RALEIGH – Scientists found they could reduce overall greenhouse gas emissions from a former coastal wetland in North Carolina by raising the groundwater level – recreating conditions similar to what existed at the site before it was drained.
In the recent study published in the journal Wetlands, researchers reported increases in average emissions of two potent greenhouse gases – methane and nitrous oxide – but that those increases were more than offset by larger reductions in carbon dioxide.
In fact, they estimated that the restoration reduced emissions by the equivalent of 9.6 tons of carbon dioxide per acre in the first year – which is roughly as much as the emissions from two gasoline-powered vehicles for a full year, according to the U.S Environmental Protection Agency Greenhouse Gases Equivalencies Calculator. Researchers said the findings support wetland restoration as a possible climate change solution.
“What people are concerned about with this strategy is if you increase methane or nitrous oxide emissions a lot, you could potentially negate any improvement in overall emissions,” said Marcelo Ardón, corresponding author of the study and an associate professor of forestry and environmental resources at North Carolina State University. “But in our case, that did not happen. The carbon dioxide reduction was like an order of magnitude higher than the increase in the other two gases.”
The Abstract spoke with Ardón about the study, and the potential for wetland restoration to fight climate change.
The Abstract: Your study took place in “shrub-bog peatlands” of North Carolina, in the Pocosin Lakes National Wildlife Refuge along the coast of North Carolina. What are peatlands?
Marcelo Ardón: Peatlands are areas that have a lot of carbon in the soil from un-decomposed plants. Here in North Carolina, we have a type of peatland on the coastal plain, the shrub-bog peatland, which we also call “pocosins.” The plants there are very productive. The soils have a good amount of water from precipitation, and they’re also very acidic, so the dead plants end up decomposing very slowly. That combination of high plant productivity and slow decomposition mean the soils accumulate a large amount of carbon.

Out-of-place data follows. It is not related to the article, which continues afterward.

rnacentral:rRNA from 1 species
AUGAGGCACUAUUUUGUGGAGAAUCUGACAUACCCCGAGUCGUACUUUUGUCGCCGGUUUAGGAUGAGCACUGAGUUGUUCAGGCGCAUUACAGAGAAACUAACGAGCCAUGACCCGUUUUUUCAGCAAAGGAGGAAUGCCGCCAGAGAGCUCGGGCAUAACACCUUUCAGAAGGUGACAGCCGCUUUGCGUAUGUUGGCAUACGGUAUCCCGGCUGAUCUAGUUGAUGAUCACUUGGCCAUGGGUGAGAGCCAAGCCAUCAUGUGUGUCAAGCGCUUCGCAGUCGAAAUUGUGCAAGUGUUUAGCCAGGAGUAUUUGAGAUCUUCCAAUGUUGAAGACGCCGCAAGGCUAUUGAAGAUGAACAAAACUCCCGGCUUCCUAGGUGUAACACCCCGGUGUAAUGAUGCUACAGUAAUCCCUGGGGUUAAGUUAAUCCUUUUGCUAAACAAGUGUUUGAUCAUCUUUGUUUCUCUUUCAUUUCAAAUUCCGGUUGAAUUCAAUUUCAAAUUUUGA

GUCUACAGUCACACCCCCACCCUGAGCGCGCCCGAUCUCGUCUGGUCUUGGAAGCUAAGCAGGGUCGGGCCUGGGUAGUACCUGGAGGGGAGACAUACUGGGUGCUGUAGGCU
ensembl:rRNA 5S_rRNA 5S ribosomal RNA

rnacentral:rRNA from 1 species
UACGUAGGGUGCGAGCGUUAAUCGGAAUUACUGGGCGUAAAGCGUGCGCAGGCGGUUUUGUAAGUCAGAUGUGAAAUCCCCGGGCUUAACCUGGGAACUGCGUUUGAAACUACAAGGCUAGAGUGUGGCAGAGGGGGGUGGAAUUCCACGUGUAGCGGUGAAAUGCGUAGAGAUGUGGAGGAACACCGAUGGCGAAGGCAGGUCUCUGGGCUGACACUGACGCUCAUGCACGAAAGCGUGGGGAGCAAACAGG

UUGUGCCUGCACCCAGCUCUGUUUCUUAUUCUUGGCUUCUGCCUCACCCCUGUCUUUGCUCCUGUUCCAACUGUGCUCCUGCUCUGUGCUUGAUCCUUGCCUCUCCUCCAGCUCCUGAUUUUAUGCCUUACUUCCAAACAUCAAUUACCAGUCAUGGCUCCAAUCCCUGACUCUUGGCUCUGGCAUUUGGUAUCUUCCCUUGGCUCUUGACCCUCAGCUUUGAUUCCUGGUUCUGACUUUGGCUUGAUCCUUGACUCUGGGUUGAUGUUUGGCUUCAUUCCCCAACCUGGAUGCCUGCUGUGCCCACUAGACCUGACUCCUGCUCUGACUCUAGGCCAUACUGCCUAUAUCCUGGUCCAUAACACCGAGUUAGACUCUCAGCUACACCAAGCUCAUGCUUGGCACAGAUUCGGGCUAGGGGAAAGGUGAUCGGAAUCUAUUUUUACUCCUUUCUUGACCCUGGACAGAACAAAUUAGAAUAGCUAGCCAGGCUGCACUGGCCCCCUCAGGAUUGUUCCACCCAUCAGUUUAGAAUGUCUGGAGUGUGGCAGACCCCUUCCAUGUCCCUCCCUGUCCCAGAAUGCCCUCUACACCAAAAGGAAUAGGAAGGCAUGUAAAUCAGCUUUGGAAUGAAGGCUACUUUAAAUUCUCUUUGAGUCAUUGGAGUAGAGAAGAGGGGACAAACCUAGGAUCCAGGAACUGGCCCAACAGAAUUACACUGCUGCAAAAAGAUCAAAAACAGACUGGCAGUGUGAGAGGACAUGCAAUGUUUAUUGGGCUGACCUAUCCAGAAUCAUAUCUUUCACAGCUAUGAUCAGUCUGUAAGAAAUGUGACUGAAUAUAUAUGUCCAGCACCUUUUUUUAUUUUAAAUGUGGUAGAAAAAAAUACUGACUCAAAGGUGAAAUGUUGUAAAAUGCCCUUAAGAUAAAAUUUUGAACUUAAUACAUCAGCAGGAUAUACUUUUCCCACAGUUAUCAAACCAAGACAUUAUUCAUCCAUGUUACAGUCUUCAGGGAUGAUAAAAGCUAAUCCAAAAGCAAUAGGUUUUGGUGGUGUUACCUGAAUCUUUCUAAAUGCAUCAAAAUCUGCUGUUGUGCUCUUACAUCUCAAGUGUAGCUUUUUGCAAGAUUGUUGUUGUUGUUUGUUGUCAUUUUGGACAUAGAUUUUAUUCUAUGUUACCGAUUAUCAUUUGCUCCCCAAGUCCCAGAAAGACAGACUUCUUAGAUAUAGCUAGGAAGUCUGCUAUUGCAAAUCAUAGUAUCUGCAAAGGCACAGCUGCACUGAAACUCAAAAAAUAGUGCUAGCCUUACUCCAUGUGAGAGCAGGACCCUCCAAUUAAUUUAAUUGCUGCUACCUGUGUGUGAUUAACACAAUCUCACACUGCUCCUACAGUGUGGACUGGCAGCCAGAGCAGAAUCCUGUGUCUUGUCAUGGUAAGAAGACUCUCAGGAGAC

Part of the problem, particularly here in North Carolina, and in a lot of the Southeast, is a lot of these peatlands were drained to be put into agriculture. And when you drain them, the soil becomes dryer and the plant material is more likely to decompose. When that plant matter in the soil decomposes, it starts releasing more carbon dioxide, a greenhouse gas that contributes to climate change.
TA: What solution did you study?
Ardón: We studied the impact of raising the water table in these shrub-bogs. By raising the water table, we wanted to see if we could decrease decomposition, and decrease the amount of carbon dioxide coming from the soil. Our collaborators built a berm around the ditches, as well as water control structures to control the water level.
TA: What did you find?
Ardón: Even though average emissions of methane and nitrous oxide increased after the restoration, their fluxes were much lower, so the increase in both of those gases did not negate the decrease in carbon dioxide. The decline in carbon dioxide was so large that the increase in the other gases did not make a difference.
TA: How is sea-level rise harming coastal ecosystems, while this solution is helping?
Ardón: When there is saltwater coming into freshwater systems due to sea-level rise, that creates a lot of problems that you see with ghost forests. In this study, the goal was to restore the hydrology of the system to resemble what we think it used to be like – a freshwater shrub/bog wetland – before the ditches and the drains were put in. This is a system that used to be pretty wet, and then we put these ditches and canals in order to lower the water table to turn the wetlands into agricultural fields.
TA: What are the long-term benefits of this strategy?
Ardón: I think this is a potential climate change solution. In this study we were just looking at the greenhouse gas emissions, but there are other benefits of hydrologic restoration. We can recover some of the plants that have been lost when you restore the hydrology, and create habitat for wildlife. These systems are also pretty good at cleaning water. There is a lot of potential good in doing more of this; it’s just a matter of finding funding to do it, and convincing landowners. The majority of these drained peatlands are on private property. We need to have the right kind of financial incentives for this kind of restoration. By quantifying this reduction in carbon dioxide, we can help support a methodology for creating carbon credits from restoration of these drained peatlands. So this could help us raise money to fund restoration, or incentivize private landowners to do this work.